Flashcards in CV CPC 4 Deck (15):
Contrast primary and secondary cardio myopathies.
primary is dysfunction confined to the heart muscle, whereas secondary have myocardial involvement as a component of a systemic or multi organ disorder
List some of the gross morphological changes with dilated cardiomyopathy.
enlarged and/or heavy heart, flabby
mural thrombi are common
dilation of AV valve as a result of chamber dilation (functional regurgitation)
List some of the light microscopic changes with dilated cardiomyopathy.
histologic abnormalities are nonspecific to etiology normally
most muscle cells are hypertrophied with enlarged nuclei, some attenuated, stretched and irregular
interstitial and endocardial fibrosis of variable degree preset
Discuss role of genetic mutations in dilated cardio myopathy.
genetic (AD pattern is predominant): genes that encode cytoskeletal proteins i.e. dystrophin, a-actin, desmin, nuclear lamina proteins A and C or congenital anomalies in conduction
Discuss role of myocarditis and alcohol in dilated cardio myopathy.
triggered by viruses like coxsackie virus B and other enteroviruses
alcohol abuse is strongly associated with development of dilated cardiomyopathy, alcohol and its metabolites have direct toxic effect on the myocardium (also beriberi HD due to thiamine deficiency)
note chemotherapuetic agents like doxorubicin and daunorubicine can cause cardiomyopathy due to per oxidation of lipids as well as childbirth for unknown causes
Describe gross and microscopic changes characteristic of hypertrophic cardiomyopathy.
massive myocardial hypertrophy, usually without ventricular dilation with classic pattern of disproportionate thickening of the ventricular septum; ventricular shaped to banana like configuration; endocardial thickening or mural plaque formation in left ventricular outflow tract and thickening of mitral leaflet
extensive myocyte hypertrophy, haphazard disarray of bundles of myocytes, individual myocytes and contractile elements of sarcomeres within cells; interstitial replacement fibrosis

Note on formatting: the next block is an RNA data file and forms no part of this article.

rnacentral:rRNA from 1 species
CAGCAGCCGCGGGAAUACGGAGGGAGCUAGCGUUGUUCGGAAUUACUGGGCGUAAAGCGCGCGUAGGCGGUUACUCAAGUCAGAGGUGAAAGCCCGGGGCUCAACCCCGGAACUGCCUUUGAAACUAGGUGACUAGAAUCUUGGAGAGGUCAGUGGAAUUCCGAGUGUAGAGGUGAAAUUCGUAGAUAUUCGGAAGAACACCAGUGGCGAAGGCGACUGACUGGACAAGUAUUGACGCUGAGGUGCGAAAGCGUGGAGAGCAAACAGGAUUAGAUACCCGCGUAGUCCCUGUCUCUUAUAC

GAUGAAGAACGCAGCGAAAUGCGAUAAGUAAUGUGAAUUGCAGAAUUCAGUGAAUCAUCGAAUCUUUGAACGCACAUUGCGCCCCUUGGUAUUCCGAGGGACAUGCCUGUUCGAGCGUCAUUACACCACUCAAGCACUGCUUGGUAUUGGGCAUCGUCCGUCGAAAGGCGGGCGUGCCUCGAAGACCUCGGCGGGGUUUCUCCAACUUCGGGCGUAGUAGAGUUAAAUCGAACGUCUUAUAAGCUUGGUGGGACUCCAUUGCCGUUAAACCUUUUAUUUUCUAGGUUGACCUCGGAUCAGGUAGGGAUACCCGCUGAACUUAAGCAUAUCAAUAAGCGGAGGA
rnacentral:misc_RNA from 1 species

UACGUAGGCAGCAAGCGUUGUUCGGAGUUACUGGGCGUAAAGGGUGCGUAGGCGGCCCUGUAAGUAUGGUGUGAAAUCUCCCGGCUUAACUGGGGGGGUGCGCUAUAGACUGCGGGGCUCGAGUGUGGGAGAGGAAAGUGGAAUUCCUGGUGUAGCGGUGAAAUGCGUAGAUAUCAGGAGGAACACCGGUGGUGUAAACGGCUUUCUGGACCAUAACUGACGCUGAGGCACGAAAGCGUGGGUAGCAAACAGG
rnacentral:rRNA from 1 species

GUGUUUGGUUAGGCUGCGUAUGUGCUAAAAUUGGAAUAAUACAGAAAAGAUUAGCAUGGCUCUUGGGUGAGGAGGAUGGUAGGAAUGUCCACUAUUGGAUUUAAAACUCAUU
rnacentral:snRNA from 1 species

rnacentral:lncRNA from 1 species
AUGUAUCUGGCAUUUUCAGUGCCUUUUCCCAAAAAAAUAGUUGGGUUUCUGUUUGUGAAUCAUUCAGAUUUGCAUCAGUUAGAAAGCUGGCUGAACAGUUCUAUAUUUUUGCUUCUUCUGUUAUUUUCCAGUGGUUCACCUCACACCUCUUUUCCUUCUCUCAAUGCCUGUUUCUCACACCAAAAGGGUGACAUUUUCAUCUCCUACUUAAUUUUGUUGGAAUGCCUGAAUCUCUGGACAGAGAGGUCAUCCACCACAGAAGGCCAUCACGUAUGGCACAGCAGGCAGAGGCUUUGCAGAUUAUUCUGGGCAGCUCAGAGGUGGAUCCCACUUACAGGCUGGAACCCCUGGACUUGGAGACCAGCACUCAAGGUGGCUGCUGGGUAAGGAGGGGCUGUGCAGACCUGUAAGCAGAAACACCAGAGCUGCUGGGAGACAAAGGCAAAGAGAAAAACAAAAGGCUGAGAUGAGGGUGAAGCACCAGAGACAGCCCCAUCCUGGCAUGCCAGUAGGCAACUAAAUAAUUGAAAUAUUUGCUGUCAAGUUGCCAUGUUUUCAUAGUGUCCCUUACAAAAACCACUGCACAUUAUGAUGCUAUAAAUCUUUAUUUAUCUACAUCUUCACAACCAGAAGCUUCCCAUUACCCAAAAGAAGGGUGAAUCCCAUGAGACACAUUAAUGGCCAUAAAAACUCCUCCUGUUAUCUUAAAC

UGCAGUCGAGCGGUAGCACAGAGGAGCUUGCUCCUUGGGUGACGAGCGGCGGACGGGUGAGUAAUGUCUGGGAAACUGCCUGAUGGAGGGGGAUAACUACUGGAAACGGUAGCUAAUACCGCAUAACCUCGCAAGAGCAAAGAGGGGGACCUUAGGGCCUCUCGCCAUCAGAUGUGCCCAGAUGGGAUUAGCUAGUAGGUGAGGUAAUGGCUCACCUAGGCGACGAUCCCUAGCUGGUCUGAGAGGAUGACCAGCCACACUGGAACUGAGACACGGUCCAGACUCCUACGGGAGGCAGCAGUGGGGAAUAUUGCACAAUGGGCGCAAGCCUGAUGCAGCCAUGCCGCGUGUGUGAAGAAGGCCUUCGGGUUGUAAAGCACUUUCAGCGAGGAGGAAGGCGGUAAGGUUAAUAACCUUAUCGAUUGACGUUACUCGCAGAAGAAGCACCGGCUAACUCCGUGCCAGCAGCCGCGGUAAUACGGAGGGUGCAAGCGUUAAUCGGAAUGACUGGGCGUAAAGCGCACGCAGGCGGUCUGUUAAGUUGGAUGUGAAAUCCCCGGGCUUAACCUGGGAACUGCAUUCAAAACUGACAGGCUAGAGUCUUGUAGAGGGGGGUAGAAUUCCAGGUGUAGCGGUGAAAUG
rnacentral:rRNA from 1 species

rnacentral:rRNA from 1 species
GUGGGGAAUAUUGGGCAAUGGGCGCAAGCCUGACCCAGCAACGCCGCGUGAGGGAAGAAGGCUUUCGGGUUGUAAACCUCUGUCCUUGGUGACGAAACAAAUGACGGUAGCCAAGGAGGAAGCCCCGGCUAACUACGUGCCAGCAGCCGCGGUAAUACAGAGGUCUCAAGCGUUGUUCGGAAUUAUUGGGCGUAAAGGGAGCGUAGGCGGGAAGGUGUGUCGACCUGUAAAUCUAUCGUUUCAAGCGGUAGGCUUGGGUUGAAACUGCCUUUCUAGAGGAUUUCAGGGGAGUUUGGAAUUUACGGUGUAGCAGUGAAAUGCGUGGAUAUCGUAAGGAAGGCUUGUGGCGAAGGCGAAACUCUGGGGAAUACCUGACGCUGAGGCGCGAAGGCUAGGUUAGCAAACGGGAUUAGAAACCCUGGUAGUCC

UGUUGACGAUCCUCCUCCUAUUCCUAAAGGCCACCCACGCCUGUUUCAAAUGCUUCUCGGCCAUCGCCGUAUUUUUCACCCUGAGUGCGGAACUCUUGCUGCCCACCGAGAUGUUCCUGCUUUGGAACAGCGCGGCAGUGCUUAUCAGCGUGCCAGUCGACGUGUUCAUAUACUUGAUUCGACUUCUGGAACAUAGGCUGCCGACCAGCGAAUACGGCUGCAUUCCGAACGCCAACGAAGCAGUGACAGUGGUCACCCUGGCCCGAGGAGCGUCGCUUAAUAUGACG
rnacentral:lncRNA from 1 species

What is the cause(s) of hypertrophic cardiomyopathy?
mutations in any one of several genes that encode sarcomeric proteins (transmission usually AD)
ie. B-myosin heavy chain, cardiac TnT, a-trophomyosin and myosin binding protein C
prognosis correlates with type of mutation
Restrictive cardiomyopathy is a disorder characterized by a primary decrease in ____ ____, resulting in impaired ventricular filling during diastole.
List different causes of restrictive cardiomyopathy.
idiopathic or associated with radiation fibrosis, amyloidosis, sarcoidosis, meetastic tumors or deposition of metabolites that accumulate due to inborn errors of metabolism
Describe the gross and microscopic changes of restrictive cardiomyopathy.
normal sized ventricles, myocardium is firm and noncompliant, biatrial dilation is commonly observed
patchy or diffuse interstitial fibrosis, endomyocardial biopsy often reveals specific etiology
What is the cause of senile cardiac amyloidosis?
deposition of transthryetin, a normal serum protein synthesized in the liver that is responsible for transporting thyroxine and retinol-binding protein (better prognosis than systemic amylodosis)
mutation accelerating cardiac amylodosis more common in african americans
How can eosinophillic deposits of amyloid be distinguished from other hyaline deposits?
congo red stain which produces classic apple green birefringence when viewed under polarized light
List common causes of infectious myocarditis.
Coxsackieviruses A and B
Trypanosoma cruzi (Chagas disease)
List common non infections agents of myocarditis.
non infectious causes: hypersensitivity reaction to drugs (antibiotics, diuretics etc.) or associated with systemic disease of immune origin, such as rheumatic fever, systemic lupus erythmatous and polymyosistisis
also cardiac sarcoidosis and rejection of transplanted heart are also considered forms of myocarditis